Wisconsin is living up to it’s state motto, “forward” and progressive tradition.
As Voces de la Frontera newspaper goes to press, the fight for access to drivers’ licenses and in-state tuition for immigrants has made important progress. The Joint Finance Committee voted to include both measures in the state budget by a vote of 12-4, with Democrats supporting and Republicans opposing. The budget now goes to the full Assembly and Senate for vote and then to the Governor.
Now there is a critical need for people to communicate with their state elected officials and the Governor’s office to express our support for both drivers’ licenses and in-state tuition. Letters of support from key individuals and organizations, churches, and unions are also key.
Voces de la Frontera can help the community in this fight. In the same way people organized to form the largest march in the nation; we need to organize in mass again, to ensure that elected officials hear from us.
To be clear, we have not yet won these rights. The State Assembly and Senate still needs to pass the budget with these provisions and then it goes to the Governor. This process will happen in June.
If signed into law the new driving card would be available for persons, legal and undocumented, who currently do not have access to a social security number. The driving card would be used to drive legally and obtain auto insurance; but could not be used to enter a federal building or board a plane.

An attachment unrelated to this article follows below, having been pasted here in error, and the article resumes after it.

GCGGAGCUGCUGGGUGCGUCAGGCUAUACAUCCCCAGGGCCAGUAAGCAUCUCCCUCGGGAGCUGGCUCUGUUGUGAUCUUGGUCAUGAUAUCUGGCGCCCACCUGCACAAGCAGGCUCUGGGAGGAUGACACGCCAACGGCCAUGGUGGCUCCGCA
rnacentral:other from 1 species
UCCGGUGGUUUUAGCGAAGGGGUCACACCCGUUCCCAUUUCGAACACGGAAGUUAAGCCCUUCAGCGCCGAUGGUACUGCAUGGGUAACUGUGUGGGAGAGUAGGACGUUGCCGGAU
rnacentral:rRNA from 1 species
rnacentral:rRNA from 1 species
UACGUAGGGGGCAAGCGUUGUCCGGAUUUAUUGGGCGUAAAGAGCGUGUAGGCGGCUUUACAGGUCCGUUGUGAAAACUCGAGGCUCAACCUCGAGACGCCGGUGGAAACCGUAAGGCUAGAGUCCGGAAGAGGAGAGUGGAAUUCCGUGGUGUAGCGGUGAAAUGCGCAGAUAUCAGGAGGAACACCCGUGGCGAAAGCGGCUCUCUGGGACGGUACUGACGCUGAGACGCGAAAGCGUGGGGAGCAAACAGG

Law enforcement could not use the driving card as a basis for questioning someone about their immigration status. The same fees as a standard license would apply but it would be renewed every 2 years.
To obtain a driving card a person would have to prove identity, residency, and provide an Individual Tax Identification Number (ITIN) which is issued by the IRS to persons who do not have a social security number in order to file their taxes.
If passed, the law would take effect in six months and Wisconsin would be the second state in the nation after Utah that provides driving cards for immigrants.
The driving card option is available under a provision of federal REAL ID which passed in 2005.
The in-state tuition for immigrant students, measure was also passed by Joint Finance Committee along party lines by a vote of 12-4, with Democrats supporting and Republicans opposing.
To qualify for in-state tuition rates at Wisconsin public universities and state technical colleges, undocumented students would have to reside in Wisconsin for at least three years and graduate from a Wisconsin high school or earn their General Equivalency Degree (GED) and pledge to apply for permanent residency visas when available.
Currently, undocumented students are treated as foreign students and required to pay out of state tuition rates which makes their dreams of pursuing higher education impossible.
The progress on both these measures represents years of work, as Latinos, immigrants, and allies have made their voice heard in the streets and in the voting booth. Our voices need to be heard one more time, contact your state elected officials now.
To find out who your legislature is please call Voces de la Frontera at 414-643-1620 for assistance.
This post is also available in: Spanish